Taking the First Steps

Newly Diagnosed

What is MS?

Multiple sclerosis is a disease that impacts the brain, spinal cord and optic nerves, which make up the central nervous system and controls everything we do. The exact cause of MS is unknown, but we do know that something triggers the immune system to attack the CNS. The resulting damage to myelin, the protective layer insulating wire-like nerve fibers, disrupts signals to and from the brain. This interruption of communication signals causes unpredictable symptoms such as numbness, tingling, mood changes, memory problems, pain, fatigue, blindness and/or paralysis. Everyone’s experience with MS is different and these losses may be temporary or long lasting.

Threating MS

Managing MS is an ongoing process, beginning with the very first symptoms and continuing throughout the disease course. It’s never too soon or too late to think about how to access high quality, comprehensive, interdisciplinary care. Knowing what to look for, where to find it, and how to work effectively with your doctor and other health professionals is essential to your health, wellness and quality of life.

Living Well with MS

See how a healthy diet, regular exercise, stress management and other wellness strategies can help you manage your MS symptoms and feel your best.

 

What Causes MS?

Multiple sclerosis is caused by your immune system mistakenly attacking the brain and nerves. It's not clear why this happens but it may be a combination of genetic and environmental factors.

In MS, an abnormal immune response causes inflammation and damage in the central nervous system (CNS). Two important types of immune cells are T cells and B cells. Ongoing efforts to learn more about the immune-mediated process in MS will bring us closer to understanding the cause.

There is no single risk factor that provokes multiple sclerosis (MS), but several factors are believed to contribute to the overall risk. Vitamin D is thought to support immune function and may protect against immune-mediated diseases like MS. Smoking and obesity may contribute to inflammation and more MS activity in those already diagnosed with MS. Stopping smoking is associated with a slower progression of disability, according to evidence.

The cause of MS is still unknown. Studies suggest that exposure to an infectious agent may be involved in triggering the disease. Epstein-Barr virus (EBV) has been implicated in a number of studies, including those of Alberto Ascherio, MD, DrPH. Human herpes virus 6 (HHV-6) may also be involved in MS. A team in Spain has found that tracking antibodies may help predict the clinical course of MS. Advances in technology are helping MS researchers look for viral clues to the disease's origin.

Clusters of multiple sclerosis (MS) are of interest because they may provide clues to environmental or genetic risk factors that might cause or trigger the disease. Cluster studies have not produced clear evidence for the existence of any causative or triggering factor or factors in MS. MS occurs more often in women and individuals of northern European ancestry. It is possible for clusters to happen by chance, with no common factor(s) causing the MS.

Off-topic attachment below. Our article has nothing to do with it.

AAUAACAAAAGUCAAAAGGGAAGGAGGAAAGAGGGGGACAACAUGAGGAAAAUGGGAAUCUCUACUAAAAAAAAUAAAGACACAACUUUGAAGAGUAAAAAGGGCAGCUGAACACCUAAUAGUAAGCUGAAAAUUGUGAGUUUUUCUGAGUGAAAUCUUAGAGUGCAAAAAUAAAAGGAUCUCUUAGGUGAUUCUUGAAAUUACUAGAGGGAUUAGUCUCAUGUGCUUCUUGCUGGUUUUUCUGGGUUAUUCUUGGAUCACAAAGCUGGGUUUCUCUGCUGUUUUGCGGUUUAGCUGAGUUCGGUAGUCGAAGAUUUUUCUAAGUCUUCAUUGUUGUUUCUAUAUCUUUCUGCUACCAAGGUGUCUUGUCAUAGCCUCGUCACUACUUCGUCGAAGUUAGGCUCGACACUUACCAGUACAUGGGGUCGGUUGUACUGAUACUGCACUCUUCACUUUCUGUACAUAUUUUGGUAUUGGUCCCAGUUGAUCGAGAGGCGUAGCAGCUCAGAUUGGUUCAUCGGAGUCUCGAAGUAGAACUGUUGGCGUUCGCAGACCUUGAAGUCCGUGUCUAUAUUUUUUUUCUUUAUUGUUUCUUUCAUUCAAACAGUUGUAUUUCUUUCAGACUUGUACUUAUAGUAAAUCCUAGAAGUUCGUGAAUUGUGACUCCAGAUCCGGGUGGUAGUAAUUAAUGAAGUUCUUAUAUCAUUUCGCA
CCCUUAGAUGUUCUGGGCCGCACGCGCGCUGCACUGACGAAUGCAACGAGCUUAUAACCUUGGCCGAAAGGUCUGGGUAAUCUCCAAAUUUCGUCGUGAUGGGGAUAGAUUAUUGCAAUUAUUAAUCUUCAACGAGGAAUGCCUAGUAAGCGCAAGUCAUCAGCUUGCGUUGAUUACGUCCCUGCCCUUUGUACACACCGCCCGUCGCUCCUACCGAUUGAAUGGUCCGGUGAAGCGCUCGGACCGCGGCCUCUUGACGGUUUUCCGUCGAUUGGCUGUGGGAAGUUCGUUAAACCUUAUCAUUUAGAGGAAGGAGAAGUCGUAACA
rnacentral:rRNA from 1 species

MS Documentation

What Causes MS?

Multiple sclerosis is caused by your immune system mistakenly attacking the brain and nerves. It's not clear why this happens but it may be a combination of genetic and environmental factors.

In MS, an abnormal immune response causes inflammation and damage in the central nervous system (CNS). Two important types of immune cells are T cells and B cells. Ongoing efforts to learn more about the immune-mediated process in MS will bring us closer to understanding the cause.

There is no single risk factor that provokes multiple sclerosis (MS), but several factors are believed to contribute to the overall risk. Vitamin D is thought to support immune function and may protect against immune-mediated diseases like MS. Smoking and obesity may contribute to inflammation and more MS activity in those already diagnosed with MS. Stopping smoking is associated with a slower progression of disability, according to evidence.

The cause of MS is still unknown. Studies suggest that exposure to an infectious agent may be involved in triggering the disease. Epstein-Barr virus (EBV) has been implicated in a number of studies, including those of Alberto Ascherio, MD, DrPH. Human herpes virus 6 (HHV-6) may also be involved in MS. A team in Spain has found that tracking antibodies may help predict the clinical course of MS. Advances in technology are helping MS researchers look for viral clues to the disease's origin.

Clusters of multiple sclerosis (MS) are of interest because they may provide clues to environmental or genetic risk factors that might cause or trigger the disease. Cluster studies have not produced clear evidence for the existence of any causative or triggering factor or factors in MS. MS occurs more often in women and individuals of northern European ancestry. It is possible for clusters to happen by chance, with no common factor(s) causing the MS.

MS Documentation

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